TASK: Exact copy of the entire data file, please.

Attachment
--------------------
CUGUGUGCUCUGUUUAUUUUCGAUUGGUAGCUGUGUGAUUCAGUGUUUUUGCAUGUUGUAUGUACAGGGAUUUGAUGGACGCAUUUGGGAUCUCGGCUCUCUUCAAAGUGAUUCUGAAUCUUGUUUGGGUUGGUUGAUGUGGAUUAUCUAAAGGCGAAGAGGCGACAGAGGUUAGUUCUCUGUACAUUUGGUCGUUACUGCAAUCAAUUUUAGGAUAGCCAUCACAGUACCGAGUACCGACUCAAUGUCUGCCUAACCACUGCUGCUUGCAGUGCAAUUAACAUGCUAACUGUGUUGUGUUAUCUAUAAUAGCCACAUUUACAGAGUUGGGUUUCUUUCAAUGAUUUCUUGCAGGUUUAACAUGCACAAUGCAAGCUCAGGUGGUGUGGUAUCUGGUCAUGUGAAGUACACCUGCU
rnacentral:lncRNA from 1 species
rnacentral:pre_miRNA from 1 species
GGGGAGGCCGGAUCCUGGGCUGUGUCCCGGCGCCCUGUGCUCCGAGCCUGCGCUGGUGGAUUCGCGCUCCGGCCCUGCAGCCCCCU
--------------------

CUGUGUGCUCUGUUUAUUUUCGAUUGGUAGCUGUGUGAUUCAGUGUUUUUGCAUGUUGUAUGUACAGGGAUUUGAUGGACGCAUUUGGGAUCUCGGCUCUCUUCAAAGUGAUUCUGAAUCUUGUUUGGGUUGGUUGAUGUGGAUUAUCUAAAGGCGAAGAGGCGACAGAGGUUAGUUCUCUGUACAUUUGGUCGUUACUGCAAUCAAUUUUAGGAUAGCCAUCACAGUACCGAGUACCGACUCAAUGUCUGCCUAACCACUGCUGCUUGCAGUGCAAUUAACAUGCUAACUGUGUUGUGUUAUCUAUAAUAGCCACAUUUACAGAGUUGGGUUUCUUUCAAUGAUUUCUUGCAGGUUUAACAUGCACAAUGCAAGCUCAGGUGGUGUGGUAUCUGGUCAUGUGAAGUACACCUGCU
rnacentral:lncRNA from 1 species
rnacentral:pre_miRNA from 1 species
GGGGAGGCCGGAUCCUGGGCUGUGUCCCGGCGCCCUGUGCUCCGAGCCUGCGCUGGUGGAUUCGCGCUCCGGCCCUGCAGCCCCCU